Our Grounds, Our March

To say that many of us were shocked when President Donald Trump won the election would be an understatement. Mixed feelings settled within the UVA community; hate, fear, and gratitude included. Many of the students who opposed Trump’s initial campaign had begun to feel a sense of responsibility, not just to join marches in Washington D.C. or donate to organizations that would fight to protect human rights, but to also bring this urgency to the Wahoo community. We were going to show just how Wahoos take care of one another in our own home.

Trump’s executive order, titled "Protection Of The Nation From Foreign Terrorist Entry Into The United States," motivated students on Grounds to carry out an emergency march. CIOs on Grounds that initiated this march included: Dreamers on Grounds, Minority Rights Coalition, Global Student Council, and University Democrats. The march was called March for Muslim, Immigrant, and Student Rights, and it was intended to show support for other protests around the world. Everyone was encouraged to attend. The march took place at the Rotunda on January 29th and hundreds of people came; students, faculty, and members of the Charlottesville community were all in attendance to show their support for Muslims, immigrants, and those affected by Trump’s executive orders. One of the organizers of the event, student Attiya Latif, reflected on the motivation behind the march:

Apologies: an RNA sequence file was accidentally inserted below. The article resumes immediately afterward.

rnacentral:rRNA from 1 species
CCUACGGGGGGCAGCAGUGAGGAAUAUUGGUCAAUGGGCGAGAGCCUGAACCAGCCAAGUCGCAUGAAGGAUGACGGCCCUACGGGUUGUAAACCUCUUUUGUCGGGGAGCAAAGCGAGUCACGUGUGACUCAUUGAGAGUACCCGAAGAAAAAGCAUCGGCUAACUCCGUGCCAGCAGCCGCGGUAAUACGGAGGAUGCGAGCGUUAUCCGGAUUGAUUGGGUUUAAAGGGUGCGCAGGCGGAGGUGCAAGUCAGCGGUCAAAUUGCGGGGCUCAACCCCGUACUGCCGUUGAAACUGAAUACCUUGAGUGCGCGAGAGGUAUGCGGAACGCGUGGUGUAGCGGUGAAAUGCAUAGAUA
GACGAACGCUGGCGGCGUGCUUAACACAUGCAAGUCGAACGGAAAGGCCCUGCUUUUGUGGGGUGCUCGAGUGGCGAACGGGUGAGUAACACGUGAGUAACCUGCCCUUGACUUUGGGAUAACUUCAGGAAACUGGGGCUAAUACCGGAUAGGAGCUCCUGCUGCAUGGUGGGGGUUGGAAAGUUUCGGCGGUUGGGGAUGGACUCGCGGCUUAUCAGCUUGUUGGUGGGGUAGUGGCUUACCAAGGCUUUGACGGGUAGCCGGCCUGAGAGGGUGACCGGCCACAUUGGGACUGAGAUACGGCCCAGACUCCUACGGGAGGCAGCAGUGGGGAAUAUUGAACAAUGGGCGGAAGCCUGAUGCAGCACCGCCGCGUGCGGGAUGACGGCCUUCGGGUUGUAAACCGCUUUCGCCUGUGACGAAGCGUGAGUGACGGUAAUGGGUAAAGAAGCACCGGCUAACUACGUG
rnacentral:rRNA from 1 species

“What happens in the world affects us, and we need to be aware that there are students at this university that are impacted by this attempted ban. It is time we decided to support and protect one another.”


Photo courtesy of Attiya Latif

In addition, representatives from every organization, local community individuals and minority groups spoke about their feelings towards the executive order and how it would affect everyone. Many who went to the march remarked on how inspiring and comforting it was to see such a large amount of people showing support to protect them and their rights. There are multiple reasons why some might have attended the march, be it that they are directly affected by the executive order or have friends that are. Student and Resident Advisor Yaselly Sanchez said:

“The march meant a lot to my friends and others in similar situations and once there, I knew I was practicing my right to mobilize and my right as a citizen, and being there for those who couldn’t.”


photo courtesy of Attiya Latif

All those who attended stood in solidarity. Moving forward, there is caution and fear to additional executive orders and what many individuals will face as a repercussion to the orders. Hate speech and violent acts are steadily increasing and becoming more visible as the divide between who is welcome and who is “not” in this country grows. CIOs and students are prepared to continue protesting and mobilizing against these hateful and unlawful decrees. America is the land of the free, the home of the brave, and students at the University of Virginia are prepared to defend those targeted, for our own rights and for others.